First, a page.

The Crime of the (Eighteenth) Century

Today, February 3rd, marks the anniversary of the first mass murder in the post-revolutionary United States.

Two hundred and thirty-one years ago today, Barnett Davenport, a young man living in Litchfield County, Connecticut murdered his landlord, Mr. Caleb Mallory, and Mallory’s wife and granddaughter.  He then stole anything of value and set fire to the Mallory house which resulted in the death of two more sleepers in the house.

Davenport’s vicious actions resulted in multiple books and his life and crime became a ‘teaching moment’ for the young nation.   Prior to this incident, crime was most often seen, and reported in the press, as resulting from common sinners losing their way. Davenport’s crime and its portrayal by the press and fledgling publishing industry changed all that. American’s began to perceive criminals as evil and alien to the rest of society and that view continues to a large degree into the present.

In the Accessible Archives

Over a century later the crime was remembered in Litchfield County and this note was recorded in the American County Histories: Connecticut in a section on Executions:

GallowsMay 8, 1780, Barnet Davenport, aged twenty years, was executed for murder and arson in Washington. Residing as a laborer in the family of Caleb Mallory, he entered the sleeping-room of Mr. and Mrs. Mallory at midnight and beat them to death with a club, and their little grandchild shared the same fate. After robbing the house and setting it on fire the murderer fled, leaving two other persons asleep who perished in the flames.

More Information

To get an idea of how the early American newpapers covered this crime, here is an excerpt from the New England Gazeteer.

Washington Connecticut – This town has been the theatre of one of the most atrocious murders ever committed in New England.

The murderer was a man or rather fiend, by the name of Barnett Davenport.

From his own confession, it appears that his parentage and early education were exactly fitted to produce his wicked life and tragical end.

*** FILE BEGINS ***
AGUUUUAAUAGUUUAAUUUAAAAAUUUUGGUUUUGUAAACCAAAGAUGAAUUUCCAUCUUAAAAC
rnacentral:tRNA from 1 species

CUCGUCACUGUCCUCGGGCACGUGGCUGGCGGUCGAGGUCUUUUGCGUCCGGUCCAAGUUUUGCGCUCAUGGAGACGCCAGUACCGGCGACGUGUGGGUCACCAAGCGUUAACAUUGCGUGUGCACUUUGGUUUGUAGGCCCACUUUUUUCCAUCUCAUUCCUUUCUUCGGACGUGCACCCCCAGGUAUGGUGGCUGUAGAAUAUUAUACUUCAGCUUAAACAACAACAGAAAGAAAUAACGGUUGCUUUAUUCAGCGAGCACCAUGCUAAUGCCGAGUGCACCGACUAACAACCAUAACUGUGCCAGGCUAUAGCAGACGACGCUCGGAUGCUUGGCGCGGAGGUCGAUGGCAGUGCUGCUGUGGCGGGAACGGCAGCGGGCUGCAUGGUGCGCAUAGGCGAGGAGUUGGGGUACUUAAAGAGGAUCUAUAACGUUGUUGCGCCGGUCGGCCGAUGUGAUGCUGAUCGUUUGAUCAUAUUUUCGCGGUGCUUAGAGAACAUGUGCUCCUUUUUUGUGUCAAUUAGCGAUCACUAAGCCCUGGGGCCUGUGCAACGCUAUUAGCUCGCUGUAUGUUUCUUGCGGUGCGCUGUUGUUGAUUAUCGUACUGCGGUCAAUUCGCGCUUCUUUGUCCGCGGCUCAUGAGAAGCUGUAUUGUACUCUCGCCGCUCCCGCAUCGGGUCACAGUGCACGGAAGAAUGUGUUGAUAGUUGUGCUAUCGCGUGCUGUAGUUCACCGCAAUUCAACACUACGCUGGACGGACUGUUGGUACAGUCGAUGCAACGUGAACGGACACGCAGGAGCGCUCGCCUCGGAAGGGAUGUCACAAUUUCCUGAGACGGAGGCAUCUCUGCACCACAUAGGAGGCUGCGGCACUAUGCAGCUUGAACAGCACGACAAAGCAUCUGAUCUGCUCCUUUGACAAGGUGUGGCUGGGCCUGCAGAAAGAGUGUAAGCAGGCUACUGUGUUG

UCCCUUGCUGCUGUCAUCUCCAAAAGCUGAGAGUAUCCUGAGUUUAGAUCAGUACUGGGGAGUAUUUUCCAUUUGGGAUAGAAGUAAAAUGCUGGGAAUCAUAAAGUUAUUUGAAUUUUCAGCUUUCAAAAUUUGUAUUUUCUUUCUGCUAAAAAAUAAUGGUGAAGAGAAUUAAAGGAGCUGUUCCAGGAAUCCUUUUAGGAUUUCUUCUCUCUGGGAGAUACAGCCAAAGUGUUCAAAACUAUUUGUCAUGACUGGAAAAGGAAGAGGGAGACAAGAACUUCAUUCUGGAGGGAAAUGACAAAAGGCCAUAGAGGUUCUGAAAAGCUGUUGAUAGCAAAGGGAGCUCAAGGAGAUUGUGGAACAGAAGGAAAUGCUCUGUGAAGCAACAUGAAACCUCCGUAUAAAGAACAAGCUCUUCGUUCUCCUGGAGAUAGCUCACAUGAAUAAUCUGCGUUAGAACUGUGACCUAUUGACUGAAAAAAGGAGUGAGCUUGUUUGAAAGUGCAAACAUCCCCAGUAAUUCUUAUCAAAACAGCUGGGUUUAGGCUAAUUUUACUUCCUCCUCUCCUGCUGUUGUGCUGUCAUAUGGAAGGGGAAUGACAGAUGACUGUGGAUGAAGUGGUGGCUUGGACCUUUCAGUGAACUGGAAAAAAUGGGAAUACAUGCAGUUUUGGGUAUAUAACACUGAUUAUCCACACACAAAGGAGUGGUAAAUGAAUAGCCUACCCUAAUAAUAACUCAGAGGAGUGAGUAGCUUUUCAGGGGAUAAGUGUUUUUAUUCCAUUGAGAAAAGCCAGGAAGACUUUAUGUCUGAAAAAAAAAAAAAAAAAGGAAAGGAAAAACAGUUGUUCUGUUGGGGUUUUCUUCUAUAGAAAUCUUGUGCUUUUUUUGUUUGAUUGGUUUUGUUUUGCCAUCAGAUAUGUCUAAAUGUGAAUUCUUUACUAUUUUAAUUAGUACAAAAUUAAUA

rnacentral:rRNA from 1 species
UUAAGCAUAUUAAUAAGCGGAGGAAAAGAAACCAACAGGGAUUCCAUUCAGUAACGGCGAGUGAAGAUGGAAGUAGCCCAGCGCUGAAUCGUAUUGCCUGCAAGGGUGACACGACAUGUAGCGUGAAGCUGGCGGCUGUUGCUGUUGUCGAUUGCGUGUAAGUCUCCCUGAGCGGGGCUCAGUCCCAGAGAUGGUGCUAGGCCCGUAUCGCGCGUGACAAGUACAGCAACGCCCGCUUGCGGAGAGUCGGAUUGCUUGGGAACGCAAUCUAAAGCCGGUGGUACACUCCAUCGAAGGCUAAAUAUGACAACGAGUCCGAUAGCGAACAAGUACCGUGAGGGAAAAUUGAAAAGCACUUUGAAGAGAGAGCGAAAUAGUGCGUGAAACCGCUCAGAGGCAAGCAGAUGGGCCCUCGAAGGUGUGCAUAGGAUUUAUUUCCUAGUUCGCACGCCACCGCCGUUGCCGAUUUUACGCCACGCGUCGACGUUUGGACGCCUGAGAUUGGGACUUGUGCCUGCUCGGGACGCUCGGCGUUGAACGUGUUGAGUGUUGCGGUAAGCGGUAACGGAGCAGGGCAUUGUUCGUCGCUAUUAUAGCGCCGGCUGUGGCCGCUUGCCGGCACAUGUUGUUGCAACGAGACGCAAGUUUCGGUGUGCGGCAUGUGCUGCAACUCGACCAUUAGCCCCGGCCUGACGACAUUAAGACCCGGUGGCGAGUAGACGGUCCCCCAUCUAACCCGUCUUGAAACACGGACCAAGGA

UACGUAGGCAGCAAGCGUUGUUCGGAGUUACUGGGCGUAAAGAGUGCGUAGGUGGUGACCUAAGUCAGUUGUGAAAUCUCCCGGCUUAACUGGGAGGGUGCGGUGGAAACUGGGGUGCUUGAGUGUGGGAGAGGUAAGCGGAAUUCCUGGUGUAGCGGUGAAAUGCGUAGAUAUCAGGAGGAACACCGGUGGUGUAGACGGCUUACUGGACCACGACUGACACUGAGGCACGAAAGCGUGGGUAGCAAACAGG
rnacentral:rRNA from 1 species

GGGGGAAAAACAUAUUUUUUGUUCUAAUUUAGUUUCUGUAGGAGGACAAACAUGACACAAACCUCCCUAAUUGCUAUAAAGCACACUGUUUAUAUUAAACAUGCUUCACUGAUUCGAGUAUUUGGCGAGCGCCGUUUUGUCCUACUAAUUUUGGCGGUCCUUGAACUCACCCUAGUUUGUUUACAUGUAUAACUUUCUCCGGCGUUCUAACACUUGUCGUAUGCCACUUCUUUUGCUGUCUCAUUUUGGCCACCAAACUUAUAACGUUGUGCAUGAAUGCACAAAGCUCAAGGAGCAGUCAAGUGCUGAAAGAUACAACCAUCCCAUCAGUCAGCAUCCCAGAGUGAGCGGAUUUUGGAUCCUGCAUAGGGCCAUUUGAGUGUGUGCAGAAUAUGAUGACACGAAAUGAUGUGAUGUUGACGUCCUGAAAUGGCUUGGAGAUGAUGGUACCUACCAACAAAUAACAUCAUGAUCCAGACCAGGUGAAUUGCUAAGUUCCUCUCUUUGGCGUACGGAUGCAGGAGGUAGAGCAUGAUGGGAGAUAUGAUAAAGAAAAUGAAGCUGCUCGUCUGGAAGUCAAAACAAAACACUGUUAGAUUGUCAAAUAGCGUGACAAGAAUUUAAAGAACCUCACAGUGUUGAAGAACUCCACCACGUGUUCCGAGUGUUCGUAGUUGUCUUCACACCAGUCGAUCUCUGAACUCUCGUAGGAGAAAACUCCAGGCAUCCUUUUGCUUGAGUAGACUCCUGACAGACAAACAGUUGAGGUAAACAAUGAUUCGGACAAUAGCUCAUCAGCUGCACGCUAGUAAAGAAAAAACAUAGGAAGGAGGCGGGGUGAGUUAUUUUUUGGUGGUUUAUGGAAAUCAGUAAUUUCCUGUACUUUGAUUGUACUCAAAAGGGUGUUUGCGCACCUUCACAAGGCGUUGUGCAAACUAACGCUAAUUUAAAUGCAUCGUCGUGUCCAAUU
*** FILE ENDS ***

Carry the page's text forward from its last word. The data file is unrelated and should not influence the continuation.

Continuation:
Untutored and unrestrained by parental government, he was left to grow up at random.

In the morning of life, no morality was inculcated upon him, and no sense of religion, either by precept or example.

On the contrary, he was, from early years, unprincipled, profane, and impious.

Before he was 9 years old, he was expert in cursing and swearing, and adept at mischief. At 11 years he began to pilfer. At 13 he stole money. At 15 he entertained thoughts of murder, and rapidly waxed harder and bolder in wickedness.

At 19, he actually murdered a family in cold blood.

As a friendless wandering stranger, he was taken into the house of Mr Caleb Mallory, and treated with the utmost kindness, in December, 1779.

Scarcely two months had elapsed, before the murder was determined on. The night of February 3rd, 1780, was fixed on to execute the horrid purpose.

With a heart hard as adamant, he lighted a candle, went into the lodging room of his benefactors, and beat them to death with a club.  A little grand child being with it’s grand parents shared the same fate, and two others were left in a sound sleep to perish in the flames.

Having kindled a fire in three of the rooms, he fled, after robbing the house of it’s most valuable articles.

But from an accusing conscience, and from the hand of justice, which followed hard upon his steps, he was unable to flee. He was taken, and executed at Litchfield in the May ensuing.

All images included in blog posts are from either Accessible Archives collections or out of copyright public sources unless otherwise noted. Common sources include the Library of Congress, The Flickr Commons, Wikimedia Commons, and other public archives.

Related Posts

Tags: , ,

Stay Connected

Connect with Accessible Archives on Twitter, Facebook, or Linkedin to stay up to date on news and blog posts or get our latest blog posts by email.

Positive SSL